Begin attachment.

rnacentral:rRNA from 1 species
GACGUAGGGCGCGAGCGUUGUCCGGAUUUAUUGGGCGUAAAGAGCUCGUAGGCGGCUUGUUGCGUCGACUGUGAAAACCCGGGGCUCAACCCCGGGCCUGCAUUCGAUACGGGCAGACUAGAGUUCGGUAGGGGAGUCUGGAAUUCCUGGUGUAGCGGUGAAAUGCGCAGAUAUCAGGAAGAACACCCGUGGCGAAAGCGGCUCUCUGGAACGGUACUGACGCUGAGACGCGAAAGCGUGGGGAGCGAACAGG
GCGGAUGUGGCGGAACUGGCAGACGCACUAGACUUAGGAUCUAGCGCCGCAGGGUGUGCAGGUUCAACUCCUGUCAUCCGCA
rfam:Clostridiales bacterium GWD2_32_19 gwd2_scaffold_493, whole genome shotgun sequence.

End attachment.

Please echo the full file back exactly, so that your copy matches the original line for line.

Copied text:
rnacentral:rRNA from 1 species
GACGUAGGGCGCGAGCGUUGUCCGGAUUUAUUGGGCGUAAAGAGCUCGUAGGCGGCUUGUUGCGUCGACUGUGAAAACCCGGGGCUCAACCCCGGGCCUGCAUUCGAUACGGGCAGACUAGAGUUCGGUAGGGGAGUCUGGAAUUCCUGGUGUAGCGGUGAAAUGCGCAGAUAUCAGGAAGAACACCCGUGGCGAAAGCGGCUCUCUGGAACGGUACUGACGCUGAGACGCGAAAGCGUGGGGAGCGAACAGG
GCGGAUGUGGCGGAACUGGCAGACGCACUAGACUUAGGAUCUAGCGCCGCAGGGUGUGCAGGUUCAACUCCUGUCAUCCGCA
rfam:Clostridiales bacterium GWD2_32_19 gwd2_scaffold_493, whole genome shotgun sequence.